The Duncan Banner

September 22, 2013

Dorman, GOP lawmakers differ on storm shelter issue

Mike Smith
The Duncan Banner

DUNCAN — Two area Republican lawmakers say they’re all for schools having shelters to keep kids safe during tornadoes, but they don’t think a proposal by Democratic state Rep. Joe Dorman of Rush Springs is the path to get there.

Republican state Sen. Corey Brooks of Washington, Okla., and Rep. Dennis Johnson, R-Duncan, say a state government approach to the issue is not the best way to address it.

Dorman, whose district includes a slice of northwestern Stephens County, is a big backer of a petition drive seeking to redirect revenue from Oklahoma’s franchise tax to pay for storm shelters in public schools.

The petition calls for a statewide vote on providing shelters through a $500 million bond issue. It would be funded by taking about $40 million in annual revenue from the franchise tax and using most of it to pay back the bond over several years.

The petition drive comes four months after tornadoes killed 47 people, including a twister that destroyed two schools in Moore and took the lives of seven children at Plaza Towers Elementary.

Dorman tried to get a shelter funding bill passed during the waning days of the last legislative session in May. He also  wanted the issue considered during the recent special session. Republican Gov. Mary Fallin and GOP lawmakers who control the state House and Senate devoted the special session solely to making laws on limiting lawsuits constitutional.

“Protecting children is the responsibility of every Oklahoman,” Dorman said Wednesday when backers of the petition drive held a news conference at the state Capitol.

“Parents deserve the peace of mind that their kids at school can have sufficient shelter during life-threatening weather,” Dorman said. “In this region of the nation, that is far from a hypothetical situation.”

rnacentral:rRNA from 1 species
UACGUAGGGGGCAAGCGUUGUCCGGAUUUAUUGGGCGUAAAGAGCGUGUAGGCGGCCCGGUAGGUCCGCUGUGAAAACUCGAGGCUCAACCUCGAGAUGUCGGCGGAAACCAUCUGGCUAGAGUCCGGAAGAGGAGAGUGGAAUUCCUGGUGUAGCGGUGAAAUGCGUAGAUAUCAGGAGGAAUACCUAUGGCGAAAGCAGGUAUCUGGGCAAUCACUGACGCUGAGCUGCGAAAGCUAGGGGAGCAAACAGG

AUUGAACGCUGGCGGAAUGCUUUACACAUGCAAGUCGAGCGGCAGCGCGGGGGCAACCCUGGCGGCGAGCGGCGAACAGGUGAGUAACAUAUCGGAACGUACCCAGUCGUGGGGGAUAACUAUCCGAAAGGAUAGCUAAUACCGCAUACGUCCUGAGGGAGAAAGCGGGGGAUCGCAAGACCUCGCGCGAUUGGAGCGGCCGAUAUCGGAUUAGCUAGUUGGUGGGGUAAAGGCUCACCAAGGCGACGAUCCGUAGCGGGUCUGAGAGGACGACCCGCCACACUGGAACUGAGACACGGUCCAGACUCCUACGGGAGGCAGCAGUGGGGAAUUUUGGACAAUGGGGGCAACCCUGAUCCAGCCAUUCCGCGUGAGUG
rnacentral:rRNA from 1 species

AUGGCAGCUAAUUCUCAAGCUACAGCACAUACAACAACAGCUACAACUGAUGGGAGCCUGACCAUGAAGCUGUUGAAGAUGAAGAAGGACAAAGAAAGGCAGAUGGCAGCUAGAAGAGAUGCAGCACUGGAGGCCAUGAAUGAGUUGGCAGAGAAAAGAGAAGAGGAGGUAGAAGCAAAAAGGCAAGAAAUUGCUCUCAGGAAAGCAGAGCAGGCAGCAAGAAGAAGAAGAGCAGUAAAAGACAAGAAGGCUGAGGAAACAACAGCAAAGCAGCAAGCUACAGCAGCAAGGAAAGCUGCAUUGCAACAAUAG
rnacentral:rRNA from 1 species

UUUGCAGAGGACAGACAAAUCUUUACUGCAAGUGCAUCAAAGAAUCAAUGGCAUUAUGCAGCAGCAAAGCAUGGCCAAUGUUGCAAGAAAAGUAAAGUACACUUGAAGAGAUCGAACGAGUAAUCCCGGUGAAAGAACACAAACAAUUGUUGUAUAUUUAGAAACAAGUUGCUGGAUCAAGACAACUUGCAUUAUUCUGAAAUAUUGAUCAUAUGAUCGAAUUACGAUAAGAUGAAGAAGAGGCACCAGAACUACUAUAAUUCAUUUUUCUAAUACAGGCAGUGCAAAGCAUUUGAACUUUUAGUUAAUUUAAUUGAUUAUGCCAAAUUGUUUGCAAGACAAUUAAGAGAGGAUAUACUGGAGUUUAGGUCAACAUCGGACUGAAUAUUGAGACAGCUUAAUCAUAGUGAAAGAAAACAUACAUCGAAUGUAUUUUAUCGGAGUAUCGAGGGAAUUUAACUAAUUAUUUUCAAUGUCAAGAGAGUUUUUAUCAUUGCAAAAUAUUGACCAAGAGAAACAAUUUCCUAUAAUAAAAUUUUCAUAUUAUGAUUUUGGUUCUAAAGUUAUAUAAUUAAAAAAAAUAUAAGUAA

Dorman, who cannot seek re-election again next year because of term limits, said the initiative proposal is the only plan that would not raise taxes to fund shelters on a large scale. Revenue from the franchise tax currently goes to the state’s general fund — the account that pays for numerous state programs and services.

Johnson and Brooks said redirecting franchise tax revenue means taking away millions of dollars from worthy services and programs it helps fund while some funding needs are not addressed.

“Nobody that I know of, including myself, says we don’t need shelters,” said Johnson, a former mayor of Duncan. “Nobody is going to refute that, but we are not going to solve that problem overnight.”

Johnson said $500 million is a lot of money.

“We have other needs,” he said. “We have teachers who haven’t had pay raises, highway patrolmen without pay raises.”

Johnson said the needs of schools differ and it was “one of those problems best solved at the local level.”

Brooks, whose district includes most of Duncan and a large portion of Stephens County, agreed.

He said many schools are teaming with foundations, businesses and nonprofit groups to raise money for storm shelters. Some are taking large, steel shipping containers, such as those hauled by ships and 18-wheelers, and partially burying them and stocking them as shelters, Brooks said.

Newcastle has done several projects over the last decade, including reinforcing existing school areas and making them safe, he said.

Brooks said he applauded Dorman and others for raising awareness about the issue but said “there is no free lunch” and government is probably the least-effective way to address the issue across-the-board.

If government controls the process, Brooks said, “We’re going to build some big, reinforced concrete structures with rebars that will take forever to build and longer to design and probably forever to fund,” he said.

Proponents of Dorman’s plan have less than 90 days now to collect nearly 160,000 signatures of registered voters to put the issue on a statewide ballot.